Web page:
It was only a six hour drive, but it felt like we travelled off the edge of the world. When we left Johannesburg early that morning it was cold and rainy. But still very much the city. The long highways that pulled us away from the big smoke gave no indication of the realm into which we were heading. The realization that things were different happened gradually. It came with the mist. That cold white, that thickened as we drove into it, muffled all sounds from outside. Approaching cars arose so quietly, their lights dim, all but extinguished by the cloud, they appeared to be no more than faded ghosts passing on their way to the valley below. All that existed was the sound of the windscreen wipers, the quiet breathing of the passengers and the music. Even that seemed to fade in and out as we wound our way higher into the Mountains of the Dragon.
The Drakensberg, the spine of our land, that rugged haunt of leopard and lammergeyer, baboons and black eagles, otters and porcupines. None of it could be seen in the veil that hung all around us.
We turned off the highway and headed deeper into the wilderness. The road lost its edges, narrowed, twisted and turned. It was slow going; the potholes, the sudden disappearances of the verge kept us vigilant and alert. We could see no more than five or ten yards in front of us and we kept climbing higher.
Then, a gate with the sign “Injisuthi” appeared and we crept through into the small valley. With the rain dripping around us we found our cabins and quickly unpacked the vehicle. We could hear the river rushing along below and could make out the foothills of the mountains that surrounded us. It was beautiful. It wasn’t Jo’burg. The campsite was quiet. Mist hung like memories in the thorn trees scattered across the flat, rough lawn and the smell of woodsmoke drifted past, promising warmth and tea.
The next day began early for some of us, while the rest drifted in and out of sleep, only to rise drowsily at ten. I confess it was only the promise of scrambled egg that finally got me out of bed. Breakfast was a lingering affair as we crunched our way through rusks, copious amounts of coffee and conversation. It was the kind of day one expects in the mountains. Perhaps it’s just me, but I feel cheated if I don’t have mist, rain, cold and log fires when I’m there. Each, left to their own devices, followed their own inclinations and hiked, fished, read or flitted in and out of each other’s cabins for more tea and conversation. There was no itinerary, no agenda, no programs planned and for that I was grateful.
Very quickly the slough of the city fell away and it became hard to remember that days actually had names. The second day there dawned with the sun melting away the mist. As each layer departed, more and more of the mountains could be seen. They rose, ridge after ridge, soaring higher and higher into the clean, blue sky. We were surrounded by soaring buttresses, dramatic cutbacks and rampart after rampart. A fire had raged across the mountain some time before and now the regrowth was pushing its way through the blackened remains of vegetation. The ferns, curling and brilliant had turned the mountain into a vast green carpet lying lushly, softly over the ragged foothills and crags. On the other side of the firebreak was Africa; the grass harsh, dry and almost white with desperation for water, and on our side it was the imagined Ireland. Startlingly green, and soft.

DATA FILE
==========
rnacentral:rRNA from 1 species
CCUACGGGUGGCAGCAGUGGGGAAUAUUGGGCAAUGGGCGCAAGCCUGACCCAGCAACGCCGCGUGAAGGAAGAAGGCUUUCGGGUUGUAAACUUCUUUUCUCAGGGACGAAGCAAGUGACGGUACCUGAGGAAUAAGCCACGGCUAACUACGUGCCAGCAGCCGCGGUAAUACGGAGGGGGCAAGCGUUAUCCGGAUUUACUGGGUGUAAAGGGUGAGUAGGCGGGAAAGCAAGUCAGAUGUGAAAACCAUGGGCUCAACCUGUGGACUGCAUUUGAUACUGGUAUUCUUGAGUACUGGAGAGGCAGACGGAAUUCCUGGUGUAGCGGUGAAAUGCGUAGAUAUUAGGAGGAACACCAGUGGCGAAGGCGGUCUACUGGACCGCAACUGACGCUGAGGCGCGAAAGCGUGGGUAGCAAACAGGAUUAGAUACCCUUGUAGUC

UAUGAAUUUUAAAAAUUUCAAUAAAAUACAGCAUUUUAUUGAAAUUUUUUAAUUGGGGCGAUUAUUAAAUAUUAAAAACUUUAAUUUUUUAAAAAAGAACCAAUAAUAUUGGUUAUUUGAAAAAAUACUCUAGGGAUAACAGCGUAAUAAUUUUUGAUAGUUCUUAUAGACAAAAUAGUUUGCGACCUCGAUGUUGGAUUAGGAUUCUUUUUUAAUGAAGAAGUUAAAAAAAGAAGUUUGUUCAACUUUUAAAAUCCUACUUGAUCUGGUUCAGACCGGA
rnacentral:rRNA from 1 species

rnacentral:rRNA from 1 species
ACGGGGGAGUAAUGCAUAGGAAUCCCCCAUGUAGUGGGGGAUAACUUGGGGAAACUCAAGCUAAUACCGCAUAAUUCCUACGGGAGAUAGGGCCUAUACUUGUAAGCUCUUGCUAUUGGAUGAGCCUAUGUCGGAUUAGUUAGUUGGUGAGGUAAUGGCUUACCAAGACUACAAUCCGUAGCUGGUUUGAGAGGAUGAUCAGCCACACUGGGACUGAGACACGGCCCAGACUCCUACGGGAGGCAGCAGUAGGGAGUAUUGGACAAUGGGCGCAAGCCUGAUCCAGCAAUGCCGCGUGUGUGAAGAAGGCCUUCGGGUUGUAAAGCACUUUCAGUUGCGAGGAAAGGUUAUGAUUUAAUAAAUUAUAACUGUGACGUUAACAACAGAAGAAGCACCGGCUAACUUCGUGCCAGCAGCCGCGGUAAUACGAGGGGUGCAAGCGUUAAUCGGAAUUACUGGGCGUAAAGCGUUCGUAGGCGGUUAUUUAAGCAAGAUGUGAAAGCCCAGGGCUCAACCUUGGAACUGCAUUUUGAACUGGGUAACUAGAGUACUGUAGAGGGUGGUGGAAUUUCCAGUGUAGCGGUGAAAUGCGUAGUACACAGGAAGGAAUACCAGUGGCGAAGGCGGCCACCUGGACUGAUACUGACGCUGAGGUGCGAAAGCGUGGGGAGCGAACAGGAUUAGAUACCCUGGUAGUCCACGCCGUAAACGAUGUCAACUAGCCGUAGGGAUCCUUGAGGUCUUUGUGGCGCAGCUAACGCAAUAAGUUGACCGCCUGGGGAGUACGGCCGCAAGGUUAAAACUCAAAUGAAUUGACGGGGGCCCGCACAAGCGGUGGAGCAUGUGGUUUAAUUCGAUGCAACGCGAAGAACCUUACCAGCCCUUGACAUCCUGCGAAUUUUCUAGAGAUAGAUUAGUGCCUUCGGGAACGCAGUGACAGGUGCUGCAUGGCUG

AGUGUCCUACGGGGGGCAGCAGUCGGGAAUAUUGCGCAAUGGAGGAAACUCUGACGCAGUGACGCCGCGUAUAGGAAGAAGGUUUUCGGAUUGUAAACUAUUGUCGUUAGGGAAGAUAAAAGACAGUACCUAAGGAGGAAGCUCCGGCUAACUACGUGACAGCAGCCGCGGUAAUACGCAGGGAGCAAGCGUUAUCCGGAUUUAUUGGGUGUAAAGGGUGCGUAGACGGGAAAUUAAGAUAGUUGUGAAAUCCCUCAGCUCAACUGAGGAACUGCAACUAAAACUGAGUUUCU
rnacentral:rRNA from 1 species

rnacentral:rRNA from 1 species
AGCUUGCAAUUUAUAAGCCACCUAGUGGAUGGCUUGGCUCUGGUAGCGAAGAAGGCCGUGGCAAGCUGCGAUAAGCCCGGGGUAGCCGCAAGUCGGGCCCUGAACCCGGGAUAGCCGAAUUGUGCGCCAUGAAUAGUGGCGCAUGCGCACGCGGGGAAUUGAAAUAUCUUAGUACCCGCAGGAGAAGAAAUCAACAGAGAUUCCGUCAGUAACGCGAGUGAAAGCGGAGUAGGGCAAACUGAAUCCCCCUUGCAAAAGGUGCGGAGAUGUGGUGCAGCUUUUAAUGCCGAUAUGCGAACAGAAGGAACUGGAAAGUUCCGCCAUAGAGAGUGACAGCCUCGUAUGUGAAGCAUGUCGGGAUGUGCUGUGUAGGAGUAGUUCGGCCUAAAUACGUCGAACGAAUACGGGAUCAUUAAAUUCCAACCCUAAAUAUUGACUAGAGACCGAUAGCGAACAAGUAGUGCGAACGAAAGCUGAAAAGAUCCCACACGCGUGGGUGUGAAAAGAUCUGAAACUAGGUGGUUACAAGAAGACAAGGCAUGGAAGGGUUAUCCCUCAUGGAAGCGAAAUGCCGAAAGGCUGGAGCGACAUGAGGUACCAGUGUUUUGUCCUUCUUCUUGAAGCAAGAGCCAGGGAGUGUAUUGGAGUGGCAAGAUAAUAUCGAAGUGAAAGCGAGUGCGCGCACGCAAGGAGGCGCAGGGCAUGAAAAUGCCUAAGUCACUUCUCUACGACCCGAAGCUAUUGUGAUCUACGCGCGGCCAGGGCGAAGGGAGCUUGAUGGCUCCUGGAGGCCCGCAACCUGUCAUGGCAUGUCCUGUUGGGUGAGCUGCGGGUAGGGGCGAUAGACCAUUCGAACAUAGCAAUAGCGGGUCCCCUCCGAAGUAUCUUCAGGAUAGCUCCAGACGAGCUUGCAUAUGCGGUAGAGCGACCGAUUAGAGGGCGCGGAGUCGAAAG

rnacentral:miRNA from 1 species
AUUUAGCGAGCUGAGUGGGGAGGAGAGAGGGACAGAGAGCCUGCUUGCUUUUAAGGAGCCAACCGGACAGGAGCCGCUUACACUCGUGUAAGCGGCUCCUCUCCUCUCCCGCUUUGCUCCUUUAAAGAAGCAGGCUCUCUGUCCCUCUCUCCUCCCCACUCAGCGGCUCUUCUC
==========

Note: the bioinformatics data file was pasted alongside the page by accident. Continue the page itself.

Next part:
A short hike out of the campsite brought us to the yellowwood forest. It was a welcome relief from the heat of the day. The yellowwoods rose high above us, the soil, dark and damp beneath our feet. We followed the river, crossed at a narrow bridge and found ourselves at a small waterfall. It was pleasant to sit on the rock, our feet in the icy water rushing past over golden rocks, enjoying the shade.
We climbed higher on to the grasslands and made our way past the old kraal and dipping tank, the rocks blackened with age and fire. The mountains were too irresistible for some and they turned off and made their way towards loftier areas, while the others headed back down towards the camp.
That afternoon we went to the gorges. Here, children and adults alike frolicked in the freezing water of the pools, clambering from one rock to another, slipping and sliding as they made their way to the low hanging, but thunderous waterfall where they stood gasping with cold and delight as it pounded down on their shoulders. The climb out of the gorge was, for those of us who are unfit, breath-taking, literally.
That night, lying on picnic blankets, lanterns turned off, soft singing weaving through us and blessings being passed from one to another, it was easy to feel God around us. Especially as we could see a vast cloud of stars and planets hanging in the dark night sky above us. That wonder, often hidden by the city as it melts into the night, staining it with its dirty orange smog was magnificent. The night sky framed by the mountains was back, clean, and displayed across it was the reassurance of glory.
The way back was completely different to our arrival. The sun blazed and small African homesteads, villages and roads lay across the grasslands. Cattle, goats and skinny dogs ambled with blissful unconcern as we drove carefully around them. Some of the children saw the car and took up the typical beggars’ stance. But not all of them. The villages baked in the sun waiting, like Brigadoon, for the night and white mist to descend and cover them, completely hiding them once more in the icy, cold cloud.
Welcome to Charlene Raddon, the lady who designed the cover for "Harcourt's Mountain". She is also an author with Tirgearr Publishing and her latest novel is "The Scent of Roses".